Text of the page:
One of my current projects is editing an anthology of carnival-themed fiction, and in dealing with my clutch of authors, time after time they have name-checked Ray Bradbury’s Something Wicked This Way Comes. Wishing to maintain a vague semblance of integrity, I have had to nod mutely and try not to mention that I haven’t actually read it.
Thought I’d better fix that.
I read the first quarter of the book in a coffee shop in the centre of Manchester. I’d gotten locked out of the house, and walked an hour and a half to the city centre, where I was stranded. At a loss, I popped into Waterstones and emerged with Something Wicked This Way Comes. Whereupon, I devoured it.
It opens with Jim and Will, two boys born a day and a house apart, both on the autumn cusp of thirteen, with the end of October creeping close. A portention lightning rod salesman appears, and warns of a storm coming, and a storm it is: Cooger and Dark’s carnival is arriving to tempt the townsfolk into their dark entertainments. The hall of mirrors that shows you the endless fractured permutations of your self. The carousel that can turn your age forwards and back.
Plotwise, the novel is actually pretty slender and with a little bit of prodding the holes in it disintegrate pretty quickly, but that is completely beside the point of the book. The point of the book is atmosphere, which Bradbury ladels on liberally. I saw a review on goodreads that made me laugh–“Bradbury never met a pudding he didn’t like to over-egg”–and there’s truth in that, because every paragraph of the book borders on poetry, and like any poetry stretched over 300 pages it can get a bit wearing, but when it soars, it really soars.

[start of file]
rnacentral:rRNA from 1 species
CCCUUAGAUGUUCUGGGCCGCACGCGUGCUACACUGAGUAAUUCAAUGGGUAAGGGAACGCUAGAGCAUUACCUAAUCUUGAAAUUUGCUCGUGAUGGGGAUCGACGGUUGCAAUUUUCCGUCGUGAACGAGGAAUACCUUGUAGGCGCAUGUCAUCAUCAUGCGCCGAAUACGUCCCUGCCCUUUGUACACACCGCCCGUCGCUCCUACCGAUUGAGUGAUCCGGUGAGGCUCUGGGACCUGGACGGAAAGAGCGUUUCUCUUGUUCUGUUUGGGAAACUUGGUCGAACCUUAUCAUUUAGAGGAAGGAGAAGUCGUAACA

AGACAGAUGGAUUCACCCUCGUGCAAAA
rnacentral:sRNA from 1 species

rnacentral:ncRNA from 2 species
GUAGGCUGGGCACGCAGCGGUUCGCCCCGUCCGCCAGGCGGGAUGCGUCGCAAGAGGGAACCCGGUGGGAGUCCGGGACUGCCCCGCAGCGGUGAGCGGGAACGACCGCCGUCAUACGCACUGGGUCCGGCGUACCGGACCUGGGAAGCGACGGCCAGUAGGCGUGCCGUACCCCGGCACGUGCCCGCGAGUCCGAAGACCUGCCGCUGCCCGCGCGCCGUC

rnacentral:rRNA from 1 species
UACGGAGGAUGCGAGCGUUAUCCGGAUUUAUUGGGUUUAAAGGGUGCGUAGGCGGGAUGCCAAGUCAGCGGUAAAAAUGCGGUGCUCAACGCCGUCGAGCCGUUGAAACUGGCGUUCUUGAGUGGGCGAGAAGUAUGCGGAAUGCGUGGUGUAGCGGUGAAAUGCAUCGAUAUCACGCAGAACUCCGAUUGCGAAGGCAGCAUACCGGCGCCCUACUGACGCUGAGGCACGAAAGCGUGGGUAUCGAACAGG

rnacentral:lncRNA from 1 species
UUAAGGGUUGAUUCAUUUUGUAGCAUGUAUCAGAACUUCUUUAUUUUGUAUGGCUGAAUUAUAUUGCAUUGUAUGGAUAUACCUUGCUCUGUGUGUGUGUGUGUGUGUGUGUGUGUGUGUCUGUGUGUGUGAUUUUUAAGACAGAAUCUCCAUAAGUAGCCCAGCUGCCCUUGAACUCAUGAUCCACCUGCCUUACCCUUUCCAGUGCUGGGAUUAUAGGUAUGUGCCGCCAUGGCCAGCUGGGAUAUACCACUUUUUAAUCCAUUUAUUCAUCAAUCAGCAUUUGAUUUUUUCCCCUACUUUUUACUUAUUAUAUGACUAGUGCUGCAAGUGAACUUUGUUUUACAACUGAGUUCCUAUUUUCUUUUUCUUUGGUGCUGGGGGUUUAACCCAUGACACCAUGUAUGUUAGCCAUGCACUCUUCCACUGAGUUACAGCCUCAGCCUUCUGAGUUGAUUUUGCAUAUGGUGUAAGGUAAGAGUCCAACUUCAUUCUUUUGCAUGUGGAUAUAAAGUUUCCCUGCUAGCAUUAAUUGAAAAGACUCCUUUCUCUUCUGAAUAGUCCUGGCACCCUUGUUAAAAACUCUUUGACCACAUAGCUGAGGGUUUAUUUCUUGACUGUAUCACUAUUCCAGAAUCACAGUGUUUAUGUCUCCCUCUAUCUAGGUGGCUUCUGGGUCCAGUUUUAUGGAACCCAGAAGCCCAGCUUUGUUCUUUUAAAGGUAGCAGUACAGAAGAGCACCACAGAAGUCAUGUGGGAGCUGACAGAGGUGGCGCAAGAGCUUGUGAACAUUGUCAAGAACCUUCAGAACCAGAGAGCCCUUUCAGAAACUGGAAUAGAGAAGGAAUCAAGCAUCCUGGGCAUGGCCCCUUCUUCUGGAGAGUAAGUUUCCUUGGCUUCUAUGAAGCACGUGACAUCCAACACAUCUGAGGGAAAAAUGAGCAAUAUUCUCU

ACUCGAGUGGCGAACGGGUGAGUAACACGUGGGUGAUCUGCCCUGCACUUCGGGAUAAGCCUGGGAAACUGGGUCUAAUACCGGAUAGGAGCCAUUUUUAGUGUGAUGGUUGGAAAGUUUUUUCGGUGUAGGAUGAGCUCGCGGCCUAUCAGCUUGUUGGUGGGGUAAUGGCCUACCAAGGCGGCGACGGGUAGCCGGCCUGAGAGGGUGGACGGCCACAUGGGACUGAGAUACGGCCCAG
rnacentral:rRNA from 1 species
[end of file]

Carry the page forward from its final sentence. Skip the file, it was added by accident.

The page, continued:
The highlights are often those moments that settle outside of the horror aspects of the carnival–the book is at its best and most gripping delicately and evocatively pencilling in the relationship of Jim and Will, dashing boldly on the edge of the shadows of summer, both eagerly and fearful for the temptations of adulthood. The bittersweetness of aging is an unsubtle theme of the novel, with the boys, with those tempted to return to childhood on the carousel, and with the disconnect of Will’s father, the librarian who fears he isn’t understood by his child–those moments, the ones that take the fantasy and use them to breathe life into our own unspoken, fragile feelings are the ones that make this a justifiable classic.
And, stepping away from literary pretensions, its genre moments have an elegant dread to them too–the dust witch searching the city in her balloon, the boys quivering in the drains as the Illustrated Man searches for them overhead, the sinister threat of Mr Dark. The carnival geeks themselves are present but indistinct, skittering on the edge of the story, and there’s a real sense of the weird about the carnival, which other stories have misplaced for exoticism.
And, justifying my anthology project, its queer as hell–from the arch camp and melodrama through the allure of the transgressive other, right down the Jim and Will’s relationship. (I mean–come on, unrequited crush, clearly.) When I started the book I was gripped by Bradbury’s eloquent use of language and the shiver of recognition some of his best sentences could produce. As the novel wore on I was left subtly with the feeling of all-dressed-up-with-nowhere-to-go, but if you want to see what this book is without any of its poetry or beauty, nip on youtube and have a look at the trailer for the dreadful film version.